Written by Roger.
Texas Trip: Big Bend National Park
Texas Trip: Big Bend National Park,
September 16-20, 2019
From Fort Davis, we drove south back through the town of Alpine and then out in the Chihuahuan Dessert to the little town of Terlingua aka Study Butte....pronounced "Stooood-ee Beaut" by all 110 residents. I prefer calling "Stud-ee Butts", which conjures an interesting activity. The two-hour drive was mostly devoid of traffic.
Thursday the 19th was our first day in the park without a guide. Now I was stuck making up names for the various cacti, birds, plants, grasshoppers, streams and mountains....and I got to tell my stories to a captive audience. Pathfinder had left us with some recommendations based on his assessment of our limitations and lack of any sense of direction...or sense for that matter.
We loaded up the Wrangler with water and two energy bars in case we got lost for more than an hour in the desert. After breakfast at the best and only gas station in Terlingua, we headed off into the park on today's adventure.
The Chisos Basin is a totally different microclimate than the desert floor we had be covering the last few days. At the higher elevation, you can actually see trees starting to appear as you climb up the mountain. The temperature must be a least 10-15 degrees cooler with a nice breeze funneling through the passes. We stopped at the Visitor Center and the Ranger told Megan and everyone else that came in that we should be off the trail by noon and carry extra water due to expected high temps today. This seemed a bit extreme but we were not planning any long hikes anyway.
We started off immediately on the wrong trail. Pathfinder told us to stick to the paved trail to get the best view of The Window and avoid the issues Megan has with switchbacks and heights. We saw a sign directing us to The Window Trail and followed the rocky path for about a mile or so downhill and around some switchbacks before we questioned why it wasn't paved. We decided we'd hike back up and try another trail since the actual Window was still of in the distance and from our current vantage point, there was much of a view. The hike back up was hot and tiring.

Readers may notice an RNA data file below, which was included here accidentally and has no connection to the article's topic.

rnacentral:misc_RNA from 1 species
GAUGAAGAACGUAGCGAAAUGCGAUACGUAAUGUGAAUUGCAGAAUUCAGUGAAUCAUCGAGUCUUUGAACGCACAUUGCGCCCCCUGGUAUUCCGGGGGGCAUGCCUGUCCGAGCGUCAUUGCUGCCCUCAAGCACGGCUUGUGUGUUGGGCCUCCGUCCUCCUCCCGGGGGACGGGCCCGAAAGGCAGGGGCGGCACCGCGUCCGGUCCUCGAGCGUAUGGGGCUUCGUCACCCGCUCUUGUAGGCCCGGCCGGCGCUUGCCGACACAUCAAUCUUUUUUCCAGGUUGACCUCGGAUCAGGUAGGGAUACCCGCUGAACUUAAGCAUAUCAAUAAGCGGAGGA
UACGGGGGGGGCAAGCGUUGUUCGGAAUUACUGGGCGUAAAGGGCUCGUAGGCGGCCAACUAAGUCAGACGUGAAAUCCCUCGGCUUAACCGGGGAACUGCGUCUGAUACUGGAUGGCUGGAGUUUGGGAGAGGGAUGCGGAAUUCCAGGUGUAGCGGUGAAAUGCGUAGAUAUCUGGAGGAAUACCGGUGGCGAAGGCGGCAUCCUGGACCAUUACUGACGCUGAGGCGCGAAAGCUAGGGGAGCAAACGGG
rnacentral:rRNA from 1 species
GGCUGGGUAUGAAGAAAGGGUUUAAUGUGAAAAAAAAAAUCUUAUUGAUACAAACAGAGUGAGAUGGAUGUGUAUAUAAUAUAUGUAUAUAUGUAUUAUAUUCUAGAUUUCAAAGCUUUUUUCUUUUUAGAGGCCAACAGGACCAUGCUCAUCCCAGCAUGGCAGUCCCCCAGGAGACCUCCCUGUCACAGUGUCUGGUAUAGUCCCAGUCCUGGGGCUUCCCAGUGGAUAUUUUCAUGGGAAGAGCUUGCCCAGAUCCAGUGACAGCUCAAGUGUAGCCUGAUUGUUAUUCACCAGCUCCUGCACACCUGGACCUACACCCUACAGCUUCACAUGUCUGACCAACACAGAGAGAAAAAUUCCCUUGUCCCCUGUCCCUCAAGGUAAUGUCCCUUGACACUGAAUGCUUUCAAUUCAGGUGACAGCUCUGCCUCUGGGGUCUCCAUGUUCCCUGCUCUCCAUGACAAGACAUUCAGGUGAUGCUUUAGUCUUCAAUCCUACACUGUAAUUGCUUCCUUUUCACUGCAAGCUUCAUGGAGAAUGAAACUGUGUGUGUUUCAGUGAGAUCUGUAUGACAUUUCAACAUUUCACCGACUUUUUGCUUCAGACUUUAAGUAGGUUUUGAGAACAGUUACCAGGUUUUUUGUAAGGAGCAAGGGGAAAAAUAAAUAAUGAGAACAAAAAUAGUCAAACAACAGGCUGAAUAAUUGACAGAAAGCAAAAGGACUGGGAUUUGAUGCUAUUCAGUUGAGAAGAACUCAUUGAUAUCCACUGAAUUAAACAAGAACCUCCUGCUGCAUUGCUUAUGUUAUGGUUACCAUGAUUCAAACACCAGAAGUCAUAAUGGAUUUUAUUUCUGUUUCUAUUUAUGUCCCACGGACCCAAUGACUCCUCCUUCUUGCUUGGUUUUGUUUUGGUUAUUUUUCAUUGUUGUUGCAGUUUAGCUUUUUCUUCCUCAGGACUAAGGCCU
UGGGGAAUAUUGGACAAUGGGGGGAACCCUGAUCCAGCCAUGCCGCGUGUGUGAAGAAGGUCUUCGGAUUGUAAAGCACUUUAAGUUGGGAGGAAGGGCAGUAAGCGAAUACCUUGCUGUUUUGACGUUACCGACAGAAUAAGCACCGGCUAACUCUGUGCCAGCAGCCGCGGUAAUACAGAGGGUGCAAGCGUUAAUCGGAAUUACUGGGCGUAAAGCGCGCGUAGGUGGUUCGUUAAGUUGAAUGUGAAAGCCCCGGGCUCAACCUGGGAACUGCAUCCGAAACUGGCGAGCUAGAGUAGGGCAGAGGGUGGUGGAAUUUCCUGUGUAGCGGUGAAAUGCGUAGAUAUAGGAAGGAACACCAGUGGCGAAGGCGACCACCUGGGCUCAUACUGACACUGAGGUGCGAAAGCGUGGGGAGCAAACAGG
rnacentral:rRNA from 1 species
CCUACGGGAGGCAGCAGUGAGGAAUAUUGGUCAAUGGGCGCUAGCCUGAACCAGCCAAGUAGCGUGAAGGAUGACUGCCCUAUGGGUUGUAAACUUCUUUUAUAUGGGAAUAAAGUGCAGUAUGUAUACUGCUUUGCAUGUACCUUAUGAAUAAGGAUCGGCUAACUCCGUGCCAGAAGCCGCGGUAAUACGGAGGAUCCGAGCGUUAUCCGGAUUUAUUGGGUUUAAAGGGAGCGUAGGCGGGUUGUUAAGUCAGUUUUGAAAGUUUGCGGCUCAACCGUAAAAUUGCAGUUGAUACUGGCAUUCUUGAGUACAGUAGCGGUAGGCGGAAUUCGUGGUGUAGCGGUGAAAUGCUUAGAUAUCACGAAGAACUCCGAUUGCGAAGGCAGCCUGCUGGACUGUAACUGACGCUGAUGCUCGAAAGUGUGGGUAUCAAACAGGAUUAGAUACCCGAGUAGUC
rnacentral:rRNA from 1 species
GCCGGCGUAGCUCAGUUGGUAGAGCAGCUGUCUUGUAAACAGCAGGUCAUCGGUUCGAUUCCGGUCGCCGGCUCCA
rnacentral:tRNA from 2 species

We found the paved trail at the top pointing to a lookout point. This "hike" was about a quarter mile round trip but worth every step. The view down to the desert floor though the "window" created by the mountains was beautiful. So ended our first solo venture into the back country of Big Bend...of course we were there with about another hundred hikers, some older and some younger than us plus there was a general store, flush toilets, a hotel and a restaurants with a hundred feet so we wouldn't have even needed our energy bars if we got lost. All we had to do was walk over to the Visitor Center and ask directions.
The nearby Lost Mine Trail was another recommendation of Pathfinders but with this admonition: "Walk up the trail a mile or so until you reach a place with two benches. Megan should wait there and Roger should go on another fifty yards to a lookout point to take a photo. Don't go on to the top because of the height and drop-offs that Megan would not appreciate."
The trail was reasonably well groomed with a gentle slope rising up the mountain, We had taken the last slot in the parking lot so we expected the trail would be busy with hikers that had not received Pathfinders instructions. After seeding the warnings to report any bears, mountain lions of mutilated hikers on or near the trail to the nearest Ranger Station, Megan decided she was not going to stop at the benches and be bait for some wild animal. She braved the fifty additional yards and we walked back down. Got some nice photos along the way.
By now it was getting warm and we decided to break for lunch at the Chisos Basin restaurant. The View of The Window from the restaurant window was better than the food but the food was a lot better than the energy bars we toted along.
Old Maverick Road
After lunch, Megan too the wheel and drove us down to Santa Helena Canyon where we canoed a few days ago. I wanted to see how high the water had risen after the rains the night before. Terlingua Creek wasn't exacting raging but it was flowing enough that hikers could not easing cross it to get into the canyon. Our real purpose for driving to the canyon was to take the Wrangler on the 12 mile Old Maverick Road, a gravel road darn near poker-straight that purportedly saves 45 minutes getting back to town. The signs advise that you need a 4-wheel drive vehicle for this route, which is highly advisable not because of traction but clearance over come of the bumps and rocks along the way. We never put the Wrangler in 4-wheel mode...primarily because we could figure out how to. Our Navigator only requires pushing a button. The Wrangler requires reading the manual, a task we decided to ignore and take our chances.
We stopped a few times for photos and to replace the filling in our teeth but were proud that we didn't get lost and drive on out endlessly into the desert, but we still had our energy bars just in case. Pathfinders advice to stay on the trail was permanently etched in our brains.